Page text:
If international education is an export, it’s one that a trade war and ramped-up rhetoric on immigration hasn’t touched in Georgia — at least not yet.
Spending by international students on tuition, fees and other expenses in the state jumped 8.2 percent to $808.6 million as Georgia’s 5.9 percent growth in foreign student population outpaced the national average of 1.5 percent, according to the Institute of International Education’s recent Open Doors report.
But the institute warned that while enrollment eclipsed 1 million nationally for the third year in a row, universities this fall are reporting a decline in applications thanks to concerns over the immigration process, perceptions that foreigners aren’t welcome in the U.S., and other factors.
Notwithstanding the educational impact, declines could mean lost jobs for Georgia, which is No. 15 in the nation for hosting foreign students.
Compared to other export markets, education would be the No. 13 destination country for Georgia — ahead of Hong Kong and Belgium and just behind the United Arab Emirates and Brazil. Measured as a product, international education would be Georgia’s No. 6 export, narrowly trailing chicken cuts, which come in at $823 million.
NAFSA, an international education organization, last week released data on the impact of foreign student spending across the United States as part of International Education Week.
In Georgia, spending by 22,789 international students helped create or sustain 10,254 jobs. A breakdown by institution showed that Georgia Tech, unsurprisingly, led the way in terms of job creation by foreign student spending. Its 6,000-plus international students created 2,817 jobs on $182 million in spending.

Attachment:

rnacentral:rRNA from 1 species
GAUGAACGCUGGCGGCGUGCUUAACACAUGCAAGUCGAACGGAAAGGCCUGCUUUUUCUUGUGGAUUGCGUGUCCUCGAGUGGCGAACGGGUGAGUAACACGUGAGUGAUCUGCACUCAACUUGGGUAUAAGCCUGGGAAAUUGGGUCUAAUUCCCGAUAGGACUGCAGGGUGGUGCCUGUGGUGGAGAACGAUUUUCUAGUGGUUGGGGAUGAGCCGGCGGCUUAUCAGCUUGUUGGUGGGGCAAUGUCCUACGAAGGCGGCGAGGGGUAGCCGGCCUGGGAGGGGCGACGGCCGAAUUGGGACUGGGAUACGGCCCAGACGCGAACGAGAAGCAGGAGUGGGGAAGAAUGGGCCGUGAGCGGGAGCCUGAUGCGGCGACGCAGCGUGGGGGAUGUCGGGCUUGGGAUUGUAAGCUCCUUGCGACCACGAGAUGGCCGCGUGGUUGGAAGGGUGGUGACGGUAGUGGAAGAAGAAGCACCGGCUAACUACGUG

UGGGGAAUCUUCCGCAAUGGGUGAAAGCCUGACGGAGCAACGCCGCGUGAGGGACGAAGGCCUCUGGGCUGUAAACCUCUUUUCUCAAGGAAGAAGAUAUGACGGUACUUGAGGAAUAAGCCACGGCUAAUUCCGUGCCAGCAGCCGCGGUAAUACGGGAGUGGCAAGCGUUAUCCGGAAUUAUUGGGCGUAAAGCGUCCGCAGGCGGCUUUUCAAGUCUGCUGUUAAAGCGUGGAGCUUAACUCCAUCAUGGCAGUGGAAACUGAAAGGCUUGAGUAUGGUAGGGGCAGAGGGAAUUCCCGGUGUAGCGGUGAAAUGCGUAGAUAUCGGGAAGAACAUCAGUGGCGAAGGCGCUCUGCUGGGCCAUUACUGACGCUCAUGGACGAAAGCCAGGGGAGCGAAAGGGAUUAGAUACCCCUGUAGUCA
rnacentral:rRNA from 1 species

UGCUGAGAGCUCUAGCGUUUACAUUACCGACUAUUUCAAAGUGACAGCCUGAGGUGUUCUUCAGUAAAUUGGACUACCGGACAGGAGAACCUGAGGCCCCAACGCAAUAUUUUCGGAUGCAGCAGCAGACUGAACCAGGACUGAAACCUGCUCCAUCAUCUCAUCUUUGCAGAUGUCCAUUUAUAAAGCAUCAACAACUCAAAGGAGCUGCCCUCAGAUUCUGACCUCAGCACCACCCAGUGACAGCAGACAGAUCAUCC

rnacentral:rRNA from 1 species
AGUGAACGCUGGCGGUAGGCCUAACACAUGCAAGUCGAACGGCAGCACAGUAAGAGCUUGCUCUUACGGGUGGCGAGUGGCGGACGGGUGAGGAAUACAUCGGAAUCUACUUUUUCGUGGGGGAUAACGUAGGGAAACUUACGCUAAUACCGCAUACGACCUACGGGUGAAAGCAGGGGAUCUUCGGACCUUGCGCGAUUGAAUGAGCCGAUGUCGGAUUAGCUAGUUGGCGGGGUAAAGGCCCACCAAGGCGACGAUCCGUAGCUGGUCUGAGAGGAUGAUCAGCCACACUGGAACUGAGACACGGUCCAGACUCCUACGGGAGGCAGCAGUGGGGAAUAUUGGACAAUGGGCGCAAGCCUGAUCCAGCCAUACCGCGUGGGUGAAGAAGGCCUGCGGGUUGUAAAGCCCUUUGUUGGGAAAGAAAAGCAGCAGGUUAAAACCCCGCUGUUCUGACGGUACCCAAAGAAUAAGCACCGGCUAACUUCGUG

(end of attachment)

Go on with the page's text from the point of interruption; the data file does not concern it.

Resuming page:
But further analysis showed Emory University gave Georgia the most bang for the buck: 16 Georgia jobs were created for every $1 million foreign students spent at the private university ($155 million in spending / 2,565 jobs.)
Savannah College of Art and Design, which drove much of Georgia’s overall foreign-student growth this year by attracting 30 percent more students than the previous year, fared less well when it came to job creation. Only 6 jobs were created for every $1 million spent by foreign students at SCAD.
See more analysis on this metric below:
International education was often touted as an area of export growth for Atlanta in an analysis by the Brookings Institution’s Global Cities Initiative over the past few years, which found that the city’s exports were relatively split between goods and services and that Atlanta lagged other U.S. metros in exports as a percentage of economic output. Foreign students and their families also fuel one of Atlanta’s other key sectors: aviation.
Nationally, international students at U.S. colleges and universities contribute $39 billion to the U.S. economy and support 455,622 jobs, according to NAFSA.